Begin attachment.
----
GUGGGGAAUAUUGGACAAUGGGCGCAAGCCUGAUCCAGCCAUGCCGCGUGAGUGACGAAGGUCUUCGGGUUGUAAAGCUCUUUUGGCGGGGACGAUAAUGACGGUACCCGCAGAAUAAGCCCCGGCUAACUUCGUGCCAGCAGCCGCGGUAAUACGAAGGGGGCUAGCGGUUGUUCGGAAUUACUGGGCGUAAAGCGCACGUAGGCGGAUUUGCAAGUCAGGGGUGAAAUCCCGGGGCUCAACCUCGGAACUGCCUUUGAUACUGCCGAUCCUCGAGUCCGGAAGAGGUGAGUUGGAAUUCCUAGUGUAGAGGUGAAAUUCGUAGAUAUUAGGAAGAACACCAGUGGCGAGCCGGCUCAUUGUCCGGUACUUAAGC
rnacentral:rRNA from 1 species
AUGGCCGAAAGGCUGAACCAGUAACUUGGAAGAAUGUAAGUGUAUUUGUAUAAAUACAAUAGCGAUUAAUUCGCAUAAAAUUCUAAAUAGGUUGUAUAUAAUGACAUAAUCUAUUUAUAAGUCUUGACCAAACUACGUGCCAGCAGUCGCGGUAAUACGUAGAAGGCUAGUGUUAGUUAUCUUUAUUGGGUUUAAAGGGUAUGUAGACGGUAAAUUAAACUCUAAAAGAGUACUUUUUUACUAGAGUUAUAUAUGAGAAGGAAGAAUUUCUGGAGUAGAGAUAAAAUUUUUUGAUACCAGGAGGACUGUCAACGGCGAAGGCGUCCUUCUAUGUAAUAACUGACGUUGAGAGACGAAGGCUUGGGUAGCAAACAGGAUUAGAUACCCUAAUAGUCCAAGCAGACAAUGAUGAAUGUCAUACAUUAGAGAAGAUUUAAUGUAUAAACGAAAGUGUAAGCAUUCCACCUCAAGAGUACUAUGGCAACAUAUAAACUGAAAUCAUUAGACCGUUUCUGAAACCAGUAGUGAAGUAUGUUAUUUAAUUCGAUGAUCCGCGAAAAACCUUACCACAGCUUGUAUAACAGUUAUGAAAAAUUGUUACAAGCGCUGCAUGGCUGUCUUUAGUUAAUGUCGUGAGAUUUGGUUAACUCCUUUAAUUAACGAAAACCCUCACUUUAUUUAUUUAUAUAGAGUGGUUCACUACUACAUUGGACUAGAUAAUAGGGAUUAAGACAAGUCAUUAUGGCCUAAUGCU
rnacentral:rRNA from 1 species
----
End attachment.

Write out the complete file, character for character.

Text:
GUGGGGAAUAUUGGACAAUGGGCGCAAGCCUGAUCCAGCCAUGCCGCGUGAGUGACGAAGGUCUUCGGGUUGUAAAGCUCUUUUGGCGGGGACGAUAAUGACGGUACCCGCAGAAUAAGCCCCGGCUAACUUCGUGCCAGCAGCCGCGGUAAUACGAAGGGGGCUAGCGGUUGUUCGGAAUUACUGGGCGUAAAGCGCACGUAGGCGGAUUUGCAAGUCAGGGGUGAAAUCCCGGGGCUCAACCUCGGAACUGCCUUUGAUACUGCCGAUCCUCGAGUCCGGAAGAGGUGAGUUGGAAUUCCUAGUGUAGAGGUGAAAUUCGUAGAUAUUAGGAAGAACACCAGUGGCGAGCCGGCUCAUUGUCCGGUACUUAAGC
rnacentral:rRNA from 1 species
AUGGCCGAAAGGCUGAACCAGUAACUUGGAAGAAUGUAAGUGUAUUUGUAUAAAUACAAUAGCGAUUAAUUCGCAUAAAAUUCUAAAUAGGUUGUAUAUAAUGACAUAAUCUAUUUAUAAGUCUUGACCAAACUACGUGCCAGCAGUCGCGGUAAUACGUAGAAGGCUAGUGUUAGUUAUCUUUAUUGGGUUUAAAGGGUAUGUAGACGGUAAAUUAAACUCUAAAAGAGUACUUUUUUACUAGAGUUAUAUAUGAGAAGGAAGAAUUUCUGGAGUAGAGAUAAAAUUUUUUGAUACCAGGAGGACUGUCAACGGCGAAGGCGUCCUUCUAUGUAAUAACUGACGUUGAGAGACGAAGGCUUGGGUAGCAAACAGGAUUAGAUACCCUAAUAGUCCAAGCAGACAAUGAUGAAUGUCAUACAUUAGAGAAGAUUUAAUGUAUAAACGAAAGUGUAAGCAUUCCACCUCAAGAGUACUAUGGCAACAUAUAAACUGAAAUCAUUAGACCGUUUCUGAAACCAGUAGUGAAGUAUGUUAUUUAAUUCGAUGAUCCGCGAAAAACCUUACCACAGCUUGUAUAACAGUUAUGAAAAAUUGUUACAAGCGCUGCAUGGCUGUCUUUAGUUAAUGUCGUGAGAUUUGGUUAACUCCUUUAAUUAACGAAAACCCUCACUUUAUUUAUUUAUAUAGAGUGGUUCACUACUACAUUGGACUAGAUAAUAGGGAUUAAGACAAGUCAUUAUGGCCUAAUGCU
rnacentral:rRNA from 1 species